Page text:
United States District Court, W.D. Louisiana, Shreveport Division
ELIZABETH ERNY FOOTE UNITED STATER DISTRICT JUDGE.
the Court is a motion to vacate under 28 U.S.C. § 2255
filed by Defendant Gerald Needham ("Needham").
[Record Document 103]. Needham raises several issues, mostly
concerning allegedly ineffective assistance of his trial and
appellate counsel. [Record Document 106]. Because Needham has
not demonstrated his entitlement to habeas relief, the motion
April 2011, three people were murdered in an appliance store
in Bossier City, Louisiana. [Record Document 40 at 1]. After
Needham was identified as the assailant, an arrest warrant
was issued along with a search warrant for Needham's
house. [Id. at 4-5]. A search uncovered several
kinds o f ammunition in various locations in his home.
[Id. at 6]. Needham was arrested for the triple
murder and, after executing a Miranda waiver, denied
involvement in the homicides, but admitted ownership of the
ammunition. [Id. at 8]. The state brought murder
charges, which were dismissed once the federal court issued a
warrant to arrest Needham for being a felon in possession of
ammunition. [Id. at 9]. After the federal arrest
warrant was executed, Needham denied owning the ammunition,
but admitted knowing the location of some of it.
[Id. at 10-11]. Needham moved to suppress the
ammunition and all of his incriminating statements. [Record
Document 25]. This Court denied that motion. [Record Document
found Needham guilty of one count of illegal possession of
ammunition by a convicted felon. [Record Document 64]. This
Court departed from the Sentencing Guidelines after finding
that the applicable criminal history category did not
adequately account for Needham's extensive criminal
record. [Record Document 85 at 2]. Needham appealed, raising
three claims of error: insufficiency of the evidence,
invalidity of the arrest warrant, and the upward departure.
See United States v. Needham, 546 Fed.Appx. 353,
354-55 (5th Or. 2013) (per curiam). The Fifth Circuit
affirmed. Id. at 357.
The Instant Motion
asserts various grounds of error in his § 2255 motion.
[Record Documents 103 and 106]. He begins by claiming that
the evidence presented at trial was insufficient to establish
beyond a reasonable doubt that he knowingly possessed the
ammunition. [Record Document 106 at 2]. He then argues that
the Government violated the Federal Rules of Evidence by
referring to his arrest for the triple homicide and showing a
video of that arrest. [Id. at 5]. The majority of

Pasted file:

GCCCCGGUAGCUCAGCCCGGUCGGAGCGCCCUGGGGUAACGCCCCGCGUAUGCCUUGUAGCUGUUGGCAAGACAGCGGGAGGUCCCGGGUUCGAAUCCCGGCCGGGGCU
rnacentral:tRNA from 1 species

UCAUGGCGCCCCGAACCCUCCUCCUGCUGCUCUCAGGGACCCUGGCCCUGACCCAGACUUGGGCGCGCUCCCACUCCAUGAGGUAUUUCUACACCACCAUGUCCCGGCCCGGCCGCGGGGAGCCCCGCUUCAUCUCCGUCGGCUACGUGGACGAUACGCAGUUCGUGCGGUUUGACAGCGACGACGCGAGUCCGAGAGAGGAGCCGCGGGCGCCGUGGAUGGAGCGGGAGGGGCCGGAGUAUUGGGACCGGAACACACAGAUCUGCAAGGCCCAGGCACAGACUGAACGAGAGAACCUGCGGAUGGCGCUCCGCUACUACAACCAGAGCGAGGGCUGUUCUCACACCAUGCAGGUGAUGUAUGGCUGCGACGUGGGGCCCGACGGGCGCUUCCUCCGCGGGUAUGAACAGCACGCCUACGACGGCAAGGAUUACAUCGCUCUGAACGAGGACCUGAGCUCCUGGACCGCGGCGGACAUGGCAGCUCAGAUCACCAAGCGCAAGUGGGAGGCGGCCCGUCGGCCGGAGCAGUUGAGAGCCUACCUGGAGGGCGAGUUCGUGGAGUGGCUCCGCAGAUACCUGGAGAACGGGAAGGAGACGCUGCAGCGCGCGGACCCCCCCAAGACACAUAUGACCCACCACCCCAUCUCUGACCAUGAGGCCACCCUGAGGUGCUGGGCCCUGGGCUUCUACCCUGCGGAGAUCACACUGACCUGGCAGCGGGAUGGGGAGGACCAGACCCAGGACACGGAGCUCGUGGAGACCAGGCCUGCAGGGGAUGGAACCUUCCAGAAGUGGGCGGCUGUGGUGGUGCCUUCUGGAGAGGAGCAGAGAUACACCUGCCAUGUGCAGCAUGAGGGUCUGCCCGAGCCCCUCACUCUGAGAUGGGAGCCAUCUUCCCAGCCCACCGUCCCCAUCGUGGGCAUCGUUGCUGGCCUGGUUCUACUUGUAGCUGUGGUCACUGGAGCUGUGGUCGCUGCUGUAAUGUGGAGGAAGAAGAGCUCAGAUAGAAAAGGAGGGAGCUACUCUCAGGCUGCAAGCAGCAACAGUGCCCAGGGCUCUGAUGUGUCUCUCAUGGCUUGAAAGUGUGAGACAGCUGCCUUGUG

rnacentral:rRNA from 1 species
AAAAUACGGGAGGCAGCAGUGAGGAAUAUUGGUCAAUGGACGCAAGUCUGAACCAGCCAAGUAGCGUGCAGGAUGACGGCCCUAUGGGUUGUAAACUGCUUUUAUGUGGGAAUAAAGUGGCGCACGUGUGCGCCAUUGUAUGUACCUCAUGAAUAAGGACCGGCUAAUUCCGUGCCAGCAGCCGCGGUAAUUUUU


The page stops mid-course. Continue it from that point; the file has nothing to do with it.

his motion concerns a series of
ineffective-assistance-of-counsel claims. [Id. at
2]. He claims that his trial counsel, Alex Washington
('Washington"), provided ineffective assistance by
waiving Needham's right to be present at private
questioning of venire members, by waiving Needham's right
to be present at all critical phases of the trial, and by
failing to object to the introduction of Needham's arrest
for homicide and the video of that arrest. [Id. at
3-4, 6]. Needham also asserts that the cumulative error
doctrine requires awarding him a new trial. [Id. at
7]. Finally, he alleges that his appellate counsel was
ineffective for failing to raise on appeal each of the claims
raised in the instant motion. [Id. at 8-9].
Government has answered, arguing that Needham's attorneys
provided effective assistance, that the
sufficiency-of-the-evidence claim was disposed of on direct
appeal, and that claims related to the admission of
prejudicial evidence are procedurally barred. [Record
Document 113-1 at 5-11]. After noticing that Needham had
represented to this Court that he had timely filed a reply
brief but that this brief was never received by the
clerk's office, the Court granted Needham additional time
to refile. [Record Documents 117 and 118]. Needham did not
take advantage of this Court's offer.
III. Standard of Review
federal prisoner may test the legality of his detention by
"mov[ing] the court which imposed the sentence to
vacate, set aside or correct the sentence." 28 U.S.C.
§ 2255(a) (2012); see United States v. Grammas,
376 F.3d 433, 436 (5th Or. 2004) (quoting Kuhn v. United
States, 432 F.2d 82, 83 (5th Cir. 1970)). Where there
has been such a "denial or infringement of the
constitutional rights of the prisoner as to render the
judgment vulnerable to collateral attack, the court shall
vacate and set the judgment aside and shall discharge the
prisoner or resentence him or grant a new trial or correct
the sentence as may appear appropriate." 28 U.S.C.
§ 2255(b). Relief under § 2255 is "reserved
for transgressions of constitutional rights and for a narrow
range of injuries that could not have been raised on direct
appeal and would, if condoned, result in a complete